In broad daylight on a weekend, I rang the bell of a shop I'd noticed the night before. Its windows were filled with all kinds of curious art, particular to a subject matter that I found peculiar and at the same time, was drawn toward. The sign said, ring for service between this hour and that. Luckily, or not luckily, 'twas that hour.

I was met by the owner who welcomed me in. The din of the busy canal fell hush with the door. Not often do I come across the owner-collector-seller of such a varied collection of his own antique store. So I just went in for it and let all the questions fly. He seemed friendly and attentive. I asked him how he become interested in this genre. How he acquired his artifacts. Oh, this used to be a gallery? You have a few of your large-format paintings downstairs? Why thanks, I'd love to see them. How did he make certain of their authenticity. Oh, you're a writer, too. How did this kind of art become supported by the state, and how did these pieces make their way outside the borders of their respective countries? How is it to collect the art of a place that is associated with such suffering and subjugation.

While contemplating the dizzying scale of the collection, the doorbell rang. To the door went the owner, and in stepped an angel in the form of a Japanese tourist.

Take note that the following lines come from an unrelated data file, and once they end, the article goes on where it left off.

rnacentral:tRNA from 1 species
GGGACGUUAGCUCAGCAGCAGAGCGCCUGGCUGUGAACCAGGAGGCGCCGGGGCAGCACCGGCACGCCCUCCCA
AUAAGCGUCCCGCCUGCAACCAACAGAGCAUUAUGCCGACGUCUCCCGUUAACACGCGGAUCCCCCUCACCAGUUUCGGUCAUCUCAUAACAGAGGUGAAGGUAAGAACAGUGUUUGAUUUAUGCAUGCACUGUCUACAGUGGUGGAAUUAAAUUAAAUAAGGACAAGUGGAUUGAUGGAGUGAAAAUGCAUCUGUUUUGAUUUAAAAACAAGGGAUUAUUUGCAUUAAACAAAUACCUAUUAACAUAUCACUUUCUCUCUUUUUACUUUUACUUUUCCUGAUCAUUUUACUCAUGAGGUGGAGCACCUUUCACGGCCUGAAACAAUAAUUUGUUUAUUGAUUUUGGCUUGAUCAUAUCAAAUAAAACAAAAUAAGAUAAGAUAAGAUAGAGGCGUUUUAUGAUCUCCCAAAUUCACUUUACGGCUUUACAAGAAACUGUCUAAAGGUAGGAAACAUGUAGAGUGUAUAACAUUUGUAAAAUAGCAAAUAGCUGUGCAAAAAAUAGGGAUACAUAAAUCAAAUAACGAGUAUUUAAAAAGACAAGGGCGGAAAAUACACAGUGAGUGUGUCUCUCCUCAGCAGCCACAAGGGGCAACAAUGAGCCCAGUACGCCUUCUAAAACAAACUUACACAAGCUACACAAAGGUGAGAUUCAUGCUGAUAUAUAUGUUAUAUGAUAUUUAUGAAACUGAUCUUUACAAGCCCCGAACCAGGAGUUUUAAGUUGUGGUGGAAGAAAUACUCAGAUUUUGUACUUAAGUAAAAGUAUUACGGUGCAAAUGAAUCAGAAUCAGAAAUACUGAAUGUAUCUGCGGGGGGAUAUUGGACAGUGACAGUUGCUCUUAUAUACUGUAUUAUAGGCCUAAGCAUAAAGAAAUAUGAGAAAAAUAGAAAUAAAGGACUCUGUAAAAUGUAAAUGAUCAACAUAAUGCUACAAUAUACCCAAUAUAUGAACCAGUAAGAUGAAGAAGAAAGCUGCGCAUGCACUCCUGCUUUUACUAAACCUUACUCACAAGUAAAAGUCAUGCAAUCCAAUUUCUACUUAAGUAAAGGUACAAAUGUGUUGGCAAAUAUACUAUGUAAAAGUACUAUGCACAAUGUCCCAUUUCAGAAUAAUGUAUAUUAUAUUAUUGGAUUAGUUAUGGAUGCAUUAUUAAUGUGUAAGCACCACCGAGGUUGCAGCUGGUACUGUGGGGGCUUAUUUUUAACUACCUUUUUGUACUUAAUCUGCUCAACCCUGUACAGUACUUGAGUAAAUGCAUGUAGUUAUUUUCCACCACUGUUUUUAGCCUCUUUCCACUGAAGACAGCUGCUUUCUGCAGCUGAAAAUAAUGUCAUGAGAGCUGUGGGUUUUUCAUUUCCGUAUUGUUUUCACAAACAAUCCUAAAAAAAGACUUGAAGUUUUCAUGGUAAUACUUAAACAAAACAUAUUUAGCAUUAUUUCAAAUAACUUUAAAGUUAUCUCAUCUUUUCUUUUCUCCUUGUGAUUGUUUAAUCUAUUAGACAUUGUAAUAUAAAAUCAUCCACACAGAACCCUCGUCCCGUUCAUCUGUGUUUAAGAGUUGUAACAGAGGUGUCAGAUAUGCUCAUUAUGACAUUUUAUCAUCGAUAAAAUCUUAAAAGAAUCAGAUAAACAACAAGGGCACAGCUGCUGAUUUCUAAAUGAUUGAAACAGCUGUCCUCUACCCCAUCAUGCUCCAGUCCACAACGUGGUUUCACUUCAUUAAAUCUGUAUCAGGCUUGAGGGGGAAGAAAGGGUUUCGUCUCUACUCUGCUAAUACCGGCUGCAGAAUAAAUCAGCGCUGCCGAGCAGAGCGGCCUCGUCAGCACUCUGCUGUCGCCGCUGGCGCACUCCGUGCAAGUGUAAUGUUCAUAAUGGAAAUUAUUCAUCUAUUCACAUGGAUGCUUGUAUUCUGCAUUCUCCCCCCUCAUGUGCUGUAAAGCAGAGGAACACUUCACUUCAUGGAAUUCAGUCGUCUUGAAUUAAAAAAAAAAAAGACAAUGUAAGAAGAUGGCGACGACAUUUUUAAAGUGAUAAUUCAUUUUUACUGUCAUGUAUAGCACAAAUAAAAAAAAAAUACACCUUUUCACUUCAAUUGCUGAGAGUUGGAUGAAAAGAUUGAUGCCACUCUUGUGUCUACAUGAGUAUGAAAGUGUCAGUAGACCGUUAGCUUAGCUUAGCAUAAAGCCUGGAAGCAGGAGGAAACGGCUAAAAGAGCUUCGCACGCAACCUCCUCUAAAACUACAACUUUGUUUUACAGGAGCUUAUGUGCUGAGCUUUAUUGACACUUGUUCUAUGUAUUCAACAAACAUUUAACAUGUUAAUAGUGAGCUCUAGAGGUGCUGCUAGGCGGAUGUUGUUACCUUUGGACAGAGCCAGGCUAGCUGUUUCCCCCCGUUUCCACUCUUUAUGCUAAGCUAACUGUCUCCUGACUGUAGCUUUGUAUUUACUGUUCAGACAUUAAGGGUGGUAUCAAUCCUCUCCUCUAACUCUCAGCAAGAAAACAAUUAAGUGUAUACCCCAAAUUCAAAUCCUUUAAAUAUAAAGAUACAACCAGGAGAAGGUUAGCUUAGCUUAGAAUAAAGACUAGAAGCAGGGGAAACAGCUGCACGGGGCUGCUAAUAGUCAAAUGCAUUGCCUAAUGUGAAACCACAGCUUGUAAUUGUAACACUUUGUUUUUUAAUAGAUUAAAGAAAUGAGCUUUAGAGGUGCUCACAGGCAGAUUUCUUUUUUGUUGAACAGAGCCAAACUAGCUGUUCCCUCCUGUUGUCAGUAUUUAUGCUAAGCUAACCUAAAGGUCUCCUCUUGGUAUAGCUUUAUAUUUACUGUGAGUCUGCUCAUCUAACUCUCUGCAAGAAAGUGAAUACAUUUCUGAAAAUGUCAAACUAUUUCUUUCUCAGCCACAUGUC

Immediately the owner was very rude, very brusque to the man. Bristling, he aggressively inquired why the man was there, who he was. The Japanese man looked at me. I met his eyes silently.

Having traveled for some time with limited-to-zero proficiency of the lingua franca, I've learned to pay acute attention to body language and tone of voice.

In that moment, it was clear to me and the Japanese man that we were both ordinary travelers not of spectacular means, we'd both arrived at this shop out of curiosity, unannounced and without appointments, but for some reason, I was welcome and he wasn't.

The owner hurried out the Japanese man, insisting he return on Thursday afternoon and then closed the door shut. By that time I'd already decided I was going to GTFO of there, but carefully. And I certainly wasn't going anywhere near that basement. I gradually made my way to the glass cases towards the front of the shop, waiting until the owner was far from me as possible, on the opposite side. At which point I remembered all of sudden I was supposed to meet someone, but thank you for sharing your store with me.

And so I left and I didn't really care that it was drizzling. And who should I spot just down the canal but my Japanese angel. I stopped him to say thank you. And then I went and had a drink.

And what have we learned today, kids? Always listen to your gut. Give people time to show you their true natures with their actions, and not just with their words. And, like 80's slasher movies, don't ever, EVER go into the basement.